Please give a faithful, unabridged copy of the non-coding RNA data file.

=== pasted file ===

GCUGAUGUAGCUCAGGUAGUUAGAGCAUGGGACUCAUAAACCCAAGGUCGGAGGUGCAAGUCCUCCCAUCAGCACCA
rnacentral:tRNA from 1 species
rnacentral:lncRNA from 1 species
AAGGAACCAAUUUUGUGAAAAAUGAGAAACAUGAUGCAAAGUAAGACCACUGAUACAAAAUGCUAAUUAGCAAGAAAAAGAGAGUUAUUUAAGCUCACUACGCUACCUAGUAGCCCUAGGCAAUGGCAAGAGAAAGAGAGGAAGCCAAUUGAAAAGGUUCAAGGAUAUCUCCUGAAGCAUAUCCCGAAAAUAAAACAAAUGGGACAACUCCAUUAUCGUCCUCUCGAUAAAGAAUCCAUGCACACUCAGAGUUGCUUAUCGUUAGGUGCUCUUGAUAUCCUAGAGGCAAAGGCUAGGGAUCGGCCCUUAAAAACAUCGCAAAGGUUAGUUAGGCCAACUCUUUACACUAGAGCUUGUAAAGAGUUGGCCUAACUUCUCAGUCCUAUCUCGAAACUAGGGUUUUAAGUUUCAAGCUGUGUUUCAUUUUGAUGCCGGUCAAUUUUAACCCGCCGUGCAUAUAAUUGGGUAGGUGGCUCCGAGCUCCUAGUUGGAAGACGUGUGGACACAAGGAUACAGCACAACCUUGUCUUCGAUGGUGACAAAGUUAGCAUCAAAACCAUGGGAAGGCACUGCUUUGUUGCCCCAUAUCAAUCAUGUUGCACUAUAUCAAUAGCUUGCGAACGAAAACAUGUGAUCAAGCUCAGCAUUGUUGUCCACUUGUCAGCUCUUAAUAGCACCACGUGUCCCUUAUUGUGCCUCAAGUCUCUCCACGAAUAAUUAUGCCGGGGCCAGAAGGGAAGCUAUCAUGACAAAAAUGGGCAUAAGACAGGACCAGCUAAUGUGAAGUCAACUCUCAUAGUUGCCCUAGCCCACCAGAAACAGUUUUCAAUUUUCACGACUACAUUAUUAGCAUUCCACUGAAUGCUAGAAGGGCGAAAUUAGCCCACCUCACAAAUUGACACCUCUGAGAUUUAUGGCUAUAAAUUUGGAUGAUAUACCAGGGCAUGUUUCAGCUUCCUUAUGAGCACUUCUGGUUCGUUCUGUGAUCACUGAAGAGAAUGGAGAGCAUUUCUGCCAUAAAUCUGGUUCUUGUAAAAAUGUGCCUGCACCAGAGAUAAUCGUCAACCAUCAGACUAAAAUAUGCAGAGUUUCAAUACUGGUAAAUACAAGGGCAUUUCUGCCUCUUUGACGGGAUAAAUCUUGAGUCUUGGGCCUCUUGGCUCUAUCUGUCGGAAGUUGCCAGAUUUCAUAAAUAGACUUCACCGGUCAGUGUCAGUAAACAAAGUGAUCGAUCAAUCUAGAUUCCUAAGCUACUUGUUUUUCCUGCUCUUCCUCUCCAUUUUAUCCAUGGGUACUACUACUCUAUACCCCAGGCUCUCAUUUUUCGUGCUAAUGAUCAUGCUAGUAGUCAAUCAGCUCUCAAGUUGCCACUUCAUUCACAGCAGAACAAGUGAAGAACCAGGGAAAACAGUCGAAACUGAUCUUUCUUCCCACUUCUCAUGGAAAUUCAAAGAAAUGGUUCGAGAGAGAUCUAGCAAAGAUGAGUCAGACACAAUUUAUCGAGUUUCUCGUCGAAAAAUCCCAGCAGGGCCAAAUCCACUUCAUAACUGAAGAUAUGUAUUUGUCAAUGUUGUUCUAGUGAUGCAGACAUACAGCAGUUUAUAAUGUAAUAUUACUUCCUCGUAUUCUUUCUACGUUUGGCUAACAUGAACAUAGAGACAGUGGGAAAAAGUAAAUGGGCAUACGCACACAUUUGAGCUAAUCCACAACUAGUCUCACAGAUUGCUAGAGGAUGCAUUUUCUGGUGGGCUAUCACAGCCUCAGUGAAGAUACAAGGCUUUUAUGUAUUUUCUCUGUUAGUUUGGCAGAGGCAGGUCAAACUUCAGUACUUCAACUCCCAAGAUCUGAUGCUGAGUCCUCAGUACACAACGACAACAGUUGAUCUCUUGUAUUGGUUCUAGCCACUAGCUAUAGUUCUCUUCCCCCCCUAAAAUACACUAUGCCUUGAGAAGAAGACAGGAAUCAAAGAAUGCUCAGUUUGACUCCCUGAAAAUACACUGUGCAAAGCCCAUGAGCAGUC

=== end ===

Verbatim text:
GCUGAUGUAGCUCAGGUAGUUAGAGCAUGGGACUCAUAAACCCAAGGUCGGAGGUGCAAGUCCUCCCAUCAGCACCA
rnacentral:tRNA from 1 species
rnacentral:lncRNA from 1 species
AAGGAACCAAUUUUGUGAAAAAUGAGAAACAUGAUGCAAAGUAAGACCACUGAUACAAAAUGCUAAUUAGCAAGAAAAAGAGAGUUAUUUAAGCUCACUACGCUACCUAGUAGCCCUAGGCAAUGGCAAGAGAAAGAGAGGAAGCCAAUUGAAAAGGUUCAAGGAUAUCUCCUGAAGCAUAUCCCGAAAAUAAAACAAAUGGGACAACUCCAUUAUCGUCCUCUCGAUAAAGAAUCCAUGCACACUCAGAGUUGCUUAUCGUUAGGUGCUCUUGAUAUCCUAGAGGCAAAGGCUAGGGAUCGGCCCUUAAAAACAUCGCAAAGGUUAGUUAGGCCAACUCUUUACACUAGAGCUUGUAAAGAGUUGGCCUAACUUCUCAGUCCUAUCUCGAAACUAGGGUUUUAAGUUUCAAGCUGUGUUUCAUUUUGAUGCCGGUCAAUUUUAACCCGCCGUGCAUAUAAUUGGGUAGGUGGCUCCGAGCUCCUAGUUGGAAGACGUGUGGACACAAGGAUACAGCACAACCUUGUCUUCGAUGGUGACAAAGUUAGCAUCAAAACCAUGGGAAGGCACUGCUUUGUUGCCCCAUAUCAAUCAUGUUGCACUAUAUCAAUAGCUUGCGAACGAAAACAUGUGAUCAAGCUCAGCAUUGUUGUCCACUUGUCAGCUCUUAAUAGCACCACGUGUCCCUUAUUGUGCCUCAAGUCUCUCCACGAAUAAUUAUGCCGGGGCCAGAAGGGAAGCUAUCAUGACAAAAAUGGGCAUAAGACAGGACCAGCUAAUGUGAAGUCAACUCUCAUAGUUGCCCUAGCCCACCAGAAACAGUUUUCAAUUUUCACGACUACAUUAUUAGCAUUCCACUGAAUGCUAGAAGGGCGAAAUUAGCCCACCUCACAAAUUGACACCUCUGAGAUUUAUGGCUAUAAAUUUGGAUGAUAUACCAGGGCAUGUUUCAGCUUCCUUAUGAGCACUUCUGGUUCGUUCUGUGAUCACUGAAGAGAAUGGAGAGCAUUUCUGCCAUAAAUCUGGUUCUUGUAAAAAUGUGCCUGCACCAGAGAUAAUCGUCAACCAUCAGACUAAAAUAUGCAGAGUUUCAAUACUGGUAAAUACAAGGGCAUUUCUGCCUCUUUGACGGGAUAAAUCUUGAGUCUUGGGCCUCUUGGCUCUAUCUGUCGGAAGUUGCCAGAUUUCAUAAAUAGACUUCACCGGUCAGUGUCAGUAAACAAAGUGAUCGAUCAAUCUAGAUUCCUAAGCUACUUGUUUUUCCUGCUCUUCCUCUCCAUUUUAUCCAUGGGUACUACUACUCUAUACCCCAGGCUCUCAUUUUUCGUGCUAAUGAUCAUGCUAGUAGUCAAUCAGCUCUCAAGUUGCCACUUCAUUCACAGCAGAACAAGUGAAGAACCAGGGAAAACAGUCGAAACUGAUCUUUCUUCCCACUUCUCAUGGAAAUUCAAAGAAAUGGUUCGAGAGAGAUCUAGCAAAGAUGAGUCAGACACAAUUUAUCGAGUUUCUCGUCGAAAAAUCCCAGCAGGGCCAAAUCCACUUCAUAACUGAAGAUAUGUAUUUGUCAAUGUUGUUCUAGUGAUGCAGACAUACAGCAGUUUAUAAUGUAAUAUUACUUCCUCGUAUUCUUUCUACGUUUGGCUAACAUGAACAUAGAGACAGUGGGAAAAAGUAAAUGGGCAUACGCACACAUUUGAGCUAAUCCACAACUAGUCUCACAGAUUGCUAGAGGAUGCAUUUUCUGGUGGGCUAUCACAGCCUCAGUGAAGAUACAAGGCUUUUAUGUAUUUUCUCUGUUAGUUUGGCAGAGGCAGGUCAAACUUCAGUACUUCAACUCCCAAGAUCUGAUGCUGAGUCCUCAGUACACAACGACAACAGUUGAUCUCUUGUAUUGGUUCUAGCCACUAGCUAUAGUUCUCUUCCCCCCCUAAAAUACACUAUGCCUUGAGAAGAAGACAGGAAUCAAAGAAUGCUCAGUUUGACUCCCUGAAAAUACACUGUGCAAAGCCCAUGAGCAGUC